Disclaimer:  I use instant grits, vegetable broth, spinach, and omit the bacon, so in short, I just wing it...
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« Reply #47 on: December 24, 2007, 05:37:53 pm »

This looks heavenly to me! I musta received a double dose of Southern genes from my mom (she's the one who named me Lee!)

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« Reply #48 on: December 24, 2007, 06:05:51 pm »

Lee - here's a pic of it after we'd dug in:

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« Reply #49 on: November 30, 2008, 01:25:23 pm »

Don't know if this has been posted before, but it was on another board I go to and the person said it made his turkey very moist and flavorful - for those still thinking of turkey for the rest of the holidays:

Roasted cider-brined turkey

Chef Jim Hoban suggests brining the turkey in a large plastic tub outdoors, as long as the temperature stays below 40°. Otherwise, you'll have to make room for it in the refrigerator (someone suggesting lining the refrigerator's crisper for this). Hoban starts with a high temperature of 450°, but because of the sugar content of the brine, we found it too-quickly browned the turkey. We reduced the temperature to 375°.

    * 6 cups water
    * 1 gallon apple cider
    * 1 cup coarse salt
    * 1 cup light brown sugar
    * 4 apples, cored, sliced
    * 1 turkey, about 12 pounds
    * 6 sprigs fresh thyme
    * 6 sprigs fresh oregano
    * 2 sprigs fresh sage
    * 1 medium onion, halved
    * 5 cloves garlic
    * ½ stick (¼ cup) butter, melted
    * Freshly ground black pepper

   1. Combine water, cider, salt, brown sugar and apples in a large pot. Heat to boil over high heat. Remove from heat; cool 1 hour. Transfer to a smaller container if you wish; refrigerate until cold.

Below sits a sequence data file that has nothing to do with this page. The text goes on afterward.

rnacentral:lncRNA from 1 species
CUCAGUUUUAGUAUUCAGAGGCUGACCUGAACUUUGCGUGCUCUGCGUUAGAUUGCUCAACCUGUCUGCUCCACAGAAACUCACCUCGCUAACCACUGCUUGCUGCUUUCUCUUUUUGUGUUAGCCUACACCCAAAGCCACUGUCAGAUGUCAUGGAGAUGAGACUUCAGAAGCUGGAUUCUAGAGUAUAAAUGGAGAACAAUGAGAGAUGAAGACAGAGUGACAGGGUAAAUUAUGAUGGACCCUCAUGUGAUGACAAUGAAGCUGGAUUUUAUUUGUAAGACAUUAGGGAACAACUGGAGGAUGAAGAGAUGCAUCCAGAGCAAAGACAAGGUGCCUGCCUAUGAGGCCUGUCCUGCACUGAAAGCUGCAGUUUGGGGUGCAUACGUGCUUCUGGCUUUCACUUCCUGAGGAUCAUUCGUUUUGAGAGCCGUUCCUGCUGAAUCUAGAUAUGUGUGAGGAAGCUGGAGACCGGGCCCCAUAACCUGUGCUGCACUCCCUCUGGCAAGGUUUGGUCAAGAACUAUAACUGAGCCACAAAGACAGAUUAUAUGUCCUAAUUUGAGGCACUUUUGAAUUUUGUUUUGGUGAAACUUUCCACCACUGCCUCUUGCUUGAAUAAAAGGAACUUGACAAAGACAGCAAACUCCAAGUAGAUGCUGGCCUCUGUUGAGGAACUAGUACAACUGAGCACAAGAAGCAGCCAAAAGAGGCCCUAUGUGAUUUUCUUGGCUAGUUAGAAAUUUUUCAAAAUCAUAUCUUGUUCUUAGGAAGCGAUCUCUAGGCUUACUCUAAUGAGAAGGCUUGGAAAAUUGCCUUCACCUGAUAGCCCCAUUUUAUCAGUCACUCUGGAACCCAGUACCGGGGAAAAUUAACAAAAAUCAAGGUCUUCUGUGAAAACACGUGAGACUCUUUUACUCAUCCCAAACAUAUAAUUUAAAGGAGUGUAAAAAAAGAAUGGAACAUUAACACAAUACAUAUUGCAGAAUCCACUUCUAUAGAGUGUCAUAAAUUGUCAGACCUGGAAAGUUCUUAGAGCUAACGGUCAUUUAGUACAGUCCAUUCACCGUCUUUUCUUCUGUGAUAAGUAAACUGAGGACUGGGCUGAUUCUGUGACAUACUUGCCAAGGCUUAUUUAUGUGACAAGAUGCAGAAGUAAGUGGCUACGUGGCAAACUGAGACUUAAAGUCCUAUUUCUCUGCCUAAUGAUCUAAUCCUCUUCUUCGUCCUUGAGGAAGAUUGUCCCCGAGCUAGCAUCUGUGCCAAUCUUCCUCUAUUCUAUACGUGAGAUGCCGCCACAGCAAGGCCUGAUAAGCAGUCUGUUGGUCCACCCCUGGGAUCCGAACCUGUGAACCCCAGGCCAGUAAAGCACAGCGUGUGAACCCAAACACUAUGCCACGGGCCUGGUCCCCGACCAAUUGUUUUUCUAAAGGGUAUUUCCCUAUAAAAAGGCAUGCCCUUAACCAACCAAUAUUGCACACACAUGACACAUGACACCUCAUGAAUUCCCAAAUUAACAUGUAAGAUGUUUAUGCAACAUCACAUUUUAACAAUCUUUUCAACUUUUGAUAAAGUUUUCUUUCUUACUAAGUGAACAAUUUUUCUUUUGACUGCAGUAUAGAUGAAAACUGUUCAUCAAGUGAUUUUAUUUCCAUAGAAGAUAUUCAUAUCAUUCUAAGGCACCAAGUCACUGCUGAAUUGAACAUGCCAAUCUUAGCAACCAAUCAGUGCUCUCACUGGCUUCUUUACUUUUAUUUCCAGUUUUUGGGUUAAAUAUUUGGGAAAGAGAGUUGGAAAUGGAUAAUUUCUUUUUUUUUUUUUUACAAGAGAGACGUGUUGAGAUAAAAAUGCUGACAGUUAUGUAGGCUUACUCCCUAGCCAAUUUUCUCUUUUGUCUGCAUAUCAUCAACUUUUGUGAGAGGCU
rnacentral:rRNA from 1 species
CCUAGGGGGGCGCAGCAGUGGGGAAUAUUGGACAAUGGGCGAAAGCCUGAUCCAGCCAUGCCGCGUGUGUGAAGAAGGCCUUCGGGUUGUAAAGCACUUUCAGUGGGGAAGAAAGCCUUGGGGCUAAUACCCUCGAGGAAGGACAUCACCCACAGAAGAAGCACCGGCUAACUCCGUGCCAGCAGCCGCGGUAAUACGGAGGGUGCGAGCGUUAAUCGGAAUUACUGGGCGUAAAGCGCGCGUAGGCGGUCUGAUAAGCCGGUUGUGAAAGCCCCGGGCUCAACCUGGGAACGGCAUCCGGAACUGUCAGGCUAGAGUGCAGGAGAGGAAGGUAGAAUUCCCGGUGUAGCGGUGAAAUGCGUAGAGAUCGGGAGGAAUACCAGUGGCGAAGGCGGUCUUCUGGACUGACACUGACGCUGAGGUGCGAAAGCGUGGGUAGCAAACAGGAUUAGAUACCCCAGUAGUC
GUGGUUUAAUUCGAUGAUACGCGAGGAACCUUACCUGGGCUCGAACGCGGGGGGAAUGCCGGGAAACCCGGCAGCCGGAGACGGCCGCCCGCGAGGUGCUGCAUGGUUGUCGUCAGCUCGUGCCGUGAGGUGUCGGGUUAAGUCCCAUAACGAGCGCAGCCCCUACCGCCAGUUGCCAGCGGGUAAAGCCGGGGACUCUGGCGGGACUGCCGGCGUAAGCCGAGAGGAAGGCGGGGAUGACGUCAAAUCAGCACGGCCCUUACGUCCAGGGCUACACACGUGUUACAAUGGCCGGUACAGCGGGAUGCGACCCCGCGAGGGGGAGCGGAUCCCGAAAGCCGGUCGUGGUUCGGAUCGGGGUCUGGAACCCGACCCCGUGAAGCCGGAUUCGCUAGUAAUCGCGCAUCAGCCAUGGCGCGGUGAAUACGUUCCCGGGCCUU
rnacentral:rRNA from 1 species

2. Remove giblets from turkey cavity; refrigerate. Place turkey in large tub or cooler; pour brine over to cover. Refrigerate at least 12 hours, turning occasionally.
   3. Heat oven to 375°. Remove turkey from the brine to a rack in a large roasting pan; pat dry. Stuff cavity with fresh herbs, onion halves and garlic. Brush turkey with melted butter; season with pepper. Roast 30 minutes. Reduce heat to 325°; tent with foil. Roast until thermometer inserted in the thickest part of the thigh reads 175°, about 2½ to 3 hours. Let rest 20 minutes before carving.


I find that 375 is too low to brown the skin in 30 minutes, but whatever you try, be prepared to tinfoil individual sections as they brown to avoid burning the skin.

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« Reply #50 on: November 30, 2008, 06:35:11 pm »

I did pick up a 20-lb turkey yesterday for a very good price. They needed to make room for the Christmas hams! So, thanks for your recipe, Della!! What do Europeans do when you get a craving for turkey? Do you eat pheasant or sage grouse, perhaps?